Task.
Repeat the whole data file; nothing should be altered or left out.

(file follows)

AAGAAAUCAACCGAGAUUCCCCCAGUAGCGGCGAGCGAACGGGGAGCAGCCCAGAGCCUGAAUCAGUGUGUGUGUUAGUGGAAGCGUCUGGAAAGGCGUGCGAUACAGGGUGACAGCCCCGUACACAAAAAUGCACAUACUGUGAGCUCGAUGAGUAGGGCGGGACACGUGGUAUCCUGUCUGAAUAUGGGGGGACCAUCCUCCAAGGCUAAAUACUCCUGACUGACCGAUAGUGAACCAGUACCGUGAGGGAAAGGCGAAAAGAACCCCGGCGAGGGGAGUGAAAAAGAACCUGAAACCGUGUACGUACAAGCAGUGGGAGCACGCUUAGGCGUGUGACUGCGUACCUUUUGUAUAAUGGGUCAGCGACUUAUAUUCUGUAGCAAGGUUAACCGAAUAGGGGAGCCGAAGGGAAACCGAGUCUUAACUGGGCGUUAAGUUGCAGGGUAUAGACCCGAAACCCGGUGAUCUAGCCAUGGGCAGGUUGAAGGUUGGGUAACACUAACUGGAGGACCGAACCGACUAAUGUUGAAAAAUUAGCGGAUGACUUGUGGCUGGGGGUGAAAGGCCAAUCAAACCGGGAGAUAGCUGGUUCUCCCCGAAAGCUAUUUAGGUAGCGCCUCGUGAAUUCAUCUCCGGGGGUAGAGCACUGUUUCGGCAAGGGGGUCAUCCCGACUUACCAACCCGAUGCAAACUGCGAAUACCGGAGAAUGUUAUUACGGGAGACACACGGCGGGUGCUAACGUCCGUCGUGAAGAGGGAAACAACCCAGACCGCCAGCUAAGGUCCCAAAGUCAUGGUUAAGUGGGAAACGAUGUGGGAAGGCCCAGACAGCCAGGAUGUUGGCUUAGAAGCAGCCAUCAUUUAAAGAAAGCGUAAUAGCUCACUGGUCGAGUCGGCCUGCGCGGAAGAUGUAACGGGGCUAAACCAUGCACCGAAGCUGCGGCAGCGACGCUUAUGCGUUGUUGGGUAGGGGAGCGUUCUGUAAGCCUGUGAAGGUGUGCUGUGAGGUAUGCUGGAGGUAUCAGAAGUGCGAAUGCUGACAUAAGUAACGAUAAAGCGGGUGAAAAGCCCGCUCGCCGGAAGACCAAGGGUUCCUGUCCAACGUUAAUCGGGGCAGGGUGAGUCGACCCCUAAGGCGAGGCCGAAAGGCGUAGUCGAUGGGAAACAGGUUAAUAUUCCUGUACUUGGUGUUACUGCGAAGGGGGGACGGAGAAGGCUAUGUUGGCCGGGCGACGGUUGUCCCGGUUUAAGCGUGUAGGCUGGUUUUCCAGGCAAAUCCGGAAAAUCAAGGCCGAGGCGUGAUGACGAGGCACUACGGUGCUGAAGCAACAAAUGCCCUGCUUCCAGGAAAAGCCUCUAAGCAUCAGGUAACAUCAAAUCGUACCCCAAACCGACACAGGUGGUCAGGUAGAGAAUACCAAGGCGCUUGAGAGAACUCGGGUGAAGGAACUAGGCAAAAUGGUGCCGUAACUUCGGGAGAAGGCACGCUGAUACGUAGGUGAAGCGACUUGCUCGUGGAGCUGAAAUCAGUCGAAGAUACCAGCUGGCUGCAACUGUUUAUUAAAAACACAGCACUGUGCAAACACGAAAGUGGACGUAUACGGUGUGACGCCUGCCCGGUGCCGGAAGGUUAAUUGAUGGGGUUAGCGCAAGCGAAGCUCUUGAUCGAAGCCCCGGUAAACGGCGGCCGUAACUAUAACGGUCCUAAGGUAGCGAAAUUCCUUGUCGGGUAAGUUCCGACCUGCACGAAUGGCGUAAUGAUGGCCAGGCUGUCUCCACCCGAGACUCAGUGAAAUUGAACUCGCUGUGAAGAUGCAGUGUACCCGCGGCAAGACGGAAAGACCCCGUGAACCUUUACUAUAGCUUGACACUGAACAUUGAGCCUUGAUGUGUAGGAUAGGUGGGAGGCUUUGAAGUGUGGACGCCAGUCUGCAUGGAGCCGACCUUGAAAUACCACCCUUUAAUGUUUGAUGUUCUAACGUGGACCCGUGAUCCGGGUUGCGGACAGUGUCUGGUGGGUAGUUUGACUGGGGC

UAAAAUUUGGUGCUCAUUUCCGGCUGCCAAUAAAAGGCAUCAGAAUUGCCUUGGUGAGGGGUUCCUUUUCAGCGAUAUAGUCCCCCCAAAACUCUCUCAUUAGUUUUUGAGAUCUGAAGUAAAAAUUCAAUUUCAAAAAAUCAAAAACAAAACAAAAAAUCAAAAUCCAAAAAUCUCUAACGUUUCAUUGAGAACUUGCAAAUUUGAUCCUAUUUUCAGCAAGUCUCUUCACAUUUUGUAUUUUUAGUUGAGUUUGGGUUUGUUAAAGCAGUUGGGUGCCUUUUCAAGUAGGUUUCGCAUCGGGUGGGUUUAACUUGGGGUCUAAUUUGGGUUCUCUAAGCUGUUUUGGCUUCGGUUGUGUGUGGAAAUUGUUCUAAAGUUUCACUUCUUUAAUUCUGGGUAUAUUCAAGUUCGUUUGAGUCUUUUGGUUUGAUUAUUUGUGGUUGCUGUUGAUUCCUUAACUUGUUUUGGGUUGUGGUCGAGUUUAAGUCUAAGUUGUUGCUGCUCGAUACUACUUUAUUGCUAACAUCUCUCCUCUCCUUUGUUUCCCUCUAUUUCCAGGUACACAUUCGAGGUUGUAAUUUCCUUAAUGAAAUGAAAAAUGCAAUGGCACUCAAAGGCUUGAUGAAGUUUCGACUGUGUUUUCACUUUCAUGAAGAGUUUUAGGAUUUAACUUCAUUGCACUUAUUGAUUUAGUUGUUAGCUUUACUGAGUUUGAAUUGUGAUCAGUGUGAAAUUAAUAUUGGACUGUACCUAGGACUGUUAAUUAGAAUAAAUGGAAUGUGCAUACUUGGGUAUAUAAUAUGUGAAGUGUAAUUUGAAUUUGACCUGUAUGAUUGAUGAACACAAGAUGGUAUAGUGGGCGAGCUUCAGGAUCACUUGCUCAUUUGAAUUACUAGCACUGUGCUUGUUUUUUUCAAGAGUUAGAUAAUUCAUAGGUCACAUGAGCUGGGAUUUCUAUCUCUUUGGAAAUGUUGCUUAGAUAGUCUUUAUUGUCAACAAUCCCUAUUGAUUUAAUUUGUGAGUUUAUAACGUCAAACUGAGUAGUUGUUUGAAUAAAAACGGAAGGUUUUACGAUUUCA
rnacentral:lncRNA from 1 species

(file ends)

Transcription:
AAGAAAUCAACCGAGAUUCCCCCAGUAGCGGCGAGCGAACGGGGAGCAGCCCAGAGCCUGAAUCAGUGUGUGUGUUAGUGGAAGCGUCUGGAAAGGCGUGCGAUACAGGGUGACAGCCCCGUACACAAAAAUGCACAUACUGUGAGCUCGAUGAGUAGGGCGGGACACGUGGUAUCCUGUCUGAAUAUGGGGGGACCAUCCUCCAAGGCUAAAUACUCCUGACUGACCGAUAGUGAACCAGUACCGUGAGGGAAAGGCGAAAAGAACCCCGGCGAGGGGAGUGAAAAAGAACCUGAAACCGUGUACGUACAAGCAGUGGGAGCACGCUUAGGCGUGUGACUGCGUACCUUUUGUAUAAUGGGUCAGCGACUUAUAUUCUGUAGCAAGGUUAACCGAAUAGGGGAGCCGAAGGGAAACCGAGUCUUAACUGGGCGUUAAGUUGCAGGGUAUAGACCCGAAACCCGGUGAUCUAGCCAUGGGCAGGUUGAAGGUUGGGUAACACUAACUGGAGGACCGAACCGACUAAUGUUGAAAAAUUAGCGGAUGACUUGUGGCUGGGGGUGAAAGGCCAAUCAAACCGGGAGAUAGCUGGUUCUCCCCGAAAGCUAUUUAGGUAGCGCCUCGUGAAUUCAUCUCCGGGGGUAGAGCACUGUUUCGGCAAGGGGGUCAUCCCGACUUACCAACCCGAUGCAAACUGCGAAUACCGGAGAAUGUUAUUACGGGAGACACACGGCGGGUGCUAACGUCCGUCGUGAAGAGGGAAACAACCCAGACCGCCAGCUAAGGUCCCAAAGUCAUGGUUAAGUGGGAAACGAUGUGGGAAGGCCCAGACAGCCAGGAUGUUGGCUUAGAAGCAGCCAUCAUUUAAAGAAAGCGUAAUAGCUCACUGGUCGAGUCGGCCUGCGCGGAAGAUGUAACGGGGCUAAACCAUGCACCGAAGCUGCGGCAGCGACGCUUAUGCGUUGUUGGGUAGGGGAGCGUUCUGUAAGCCUGUGAAGGUGUGCUGUGAGGUAUGCUGGAGGUAUCAGAAGUGCGAAUGCUGACAUAAGUAACGAUAAAGCGGGUGAAAAGCCCGCUCGCCGGAAGACCAAGGGUUCCUGUCCAACGUUAAUCGGGGCAGGGUGAGUCGACCCCUAAGGCGAGGCCGAAAGGCGUAGUCGAUGGGAAACAGGUUAAUAUUCCUGUACUUGGUGUUACUGCGAAGGGGGGACGGAGAAGGCUAUGUUGGCCGGGCGACGGUUGUCCCGGUUUAAGCGUGUAGGCUGGUUUUCCAGGCAAAUCCGGAAAAUCAAGGCCGAGGCGUGAUGACGAGGCACUACGGUGCUGAAGCAACAAAUGCCCUGCUUCCAGGAAAAGCCUCUAAGCAUCAGGUAACAUCAAAUCGUACCCCAAACCGACACAGGUGGUCAGGUAGAGAAUACCAAGGCGCUUGAGAGAACUCGGGUGAAGGAACUAGGCAAAAUGGUGCCGUAACUUCGGGAGAAGGCACGCUGAUACGUAGGUGAAGCGACUUGCUCGUGGAGCUGAAAUCAGUCGAAGAUACCAGCUGGCUGCAACUGUUUAUUAAAAACACAGCACUGUGCAAACACGAAAGUGGACGUAUACGGUGUGACGCCUGCCCGGUGCCGGAAGGUUAAUUGAUGGGGUUAGCGCAAGCGAAGCUCUUGAUCGAAGCCCCGGUAAACGGCGGCCGUAACUAUAACGGUCCUAAGGUAGCGAAAUUCCUUGUCGGGUAAGUUCCGACCUGCACGAAUGGCGUAAUGAUGGCCAGGCUGUCUCCACCCGAGACUCAGUGAAAUUGAACUCGCUGUGAAGAUGCAGUGUACCCGCGGCAAGACGGAAAGACCCCGUGAACCUUUACUAUAGCUUGACACUGAACAUUGAGCCUUGAUGUGUAGGAUAGGUGGGAGGCUUUGAAGUGUGGACGCCAGUCUGCAUGGAGCCGACCUUGAAAUACCACCCUUUAAUGUUUGAUGUUCUAACGUGGACCCGUGAUCCGGGUUGCGGACAGUGUCUGGUGGGUAGUUUGACUGGGGC

UAAAAUUUGGUGCUCAUUUCCGGCUGCCAAUAAAAGGCAUCAGAAUUGCCUUGGUGAGGGGUUCCUUUUCAGCGAUAUAGUCCCCCCAAAACUCUCUCAUUAGUUUUUGAGAUCUGAAGUAAAAAUUCAAUUUCAAAAAAUCAAAAACAAAACAAAAAAUCAAAAUCCAAAAAUCUCUAACGUUUCAUUGAGAACUUGCAAAUUUGAUCCUAUUUUCAGCAAGUCUCUUCACAUUUUGUAUUUUUAGUUGAGUUUGGGUUUGUUAAAGCAGUUGGGUGCCUUUUCAAGUAGGUUUCGCAUCGGGUGGGUUUAACUUGGGGUCUAAUUUGGGUUCUCUAAGCUGUUUUGGCUUCGGUUGUGUGUGGAAAUUGUUCUAAAGUUUCACUUCUUUAAUUCUGGGUAUAUUCAAGUUCGUUUGAGUCUUUUGGUUUGAUUAUUUGUGGUUGCUGUUGAUUCCUUAACUUGUUUUGGGUUGUGGUCGAGUUUAAGUCUAAGUUGUUGCUGCUCGAUACUACUUUAUUGCUAACAUCUCUCCUCUCCUUUGUUUCCCUCUAUUUCCAGGUACACAUUCGAGGUUGUAAUUUCCUUAAUGAAAUGAAAAAUGCAAUGGCACUCAAAGGCUUGAUGAAGUUUCGACUGUGUUUUCACUUUCAUGAAGAGUUUUAGGAUUUAACUUCAUUGCACUUAUUGAUUUAGUUGUUAGCUUUACUGAGUUUGAAUUGUGAUCAGUGUGAAAUUAAUAUUGGACUGUACCUAGGACUGUUAAUUAGAAUAAAUGGAAUGUGCAUACUUGGGUAUAUAAUAUGUGAAGUGUAAUUUGAAUUUGACCUGUAUGAUUGAUGAACACAAGAUGGUAUAGUGGGCGAGCUUCAGGAUCACUUGCUCAUUUGAAUUACUAGCACUGUGCUUGUUUUUUUCAAGAGUUAGAUAAUUCAUAGGUCACAUGAGCUGGGAUUUCUAUCUCUUUGGAAAUGUUGCUUAGAUAGUCUUUAUUGUCAACAAUCCCUAUUGAUUUAAUUUGUGAGUUUAUAACGUCAAACUGAGUAGUUGUUUGAAUAAAAACGGAAGGUUUUACGAUUUCA
rnacentral:lncRNA from 1 species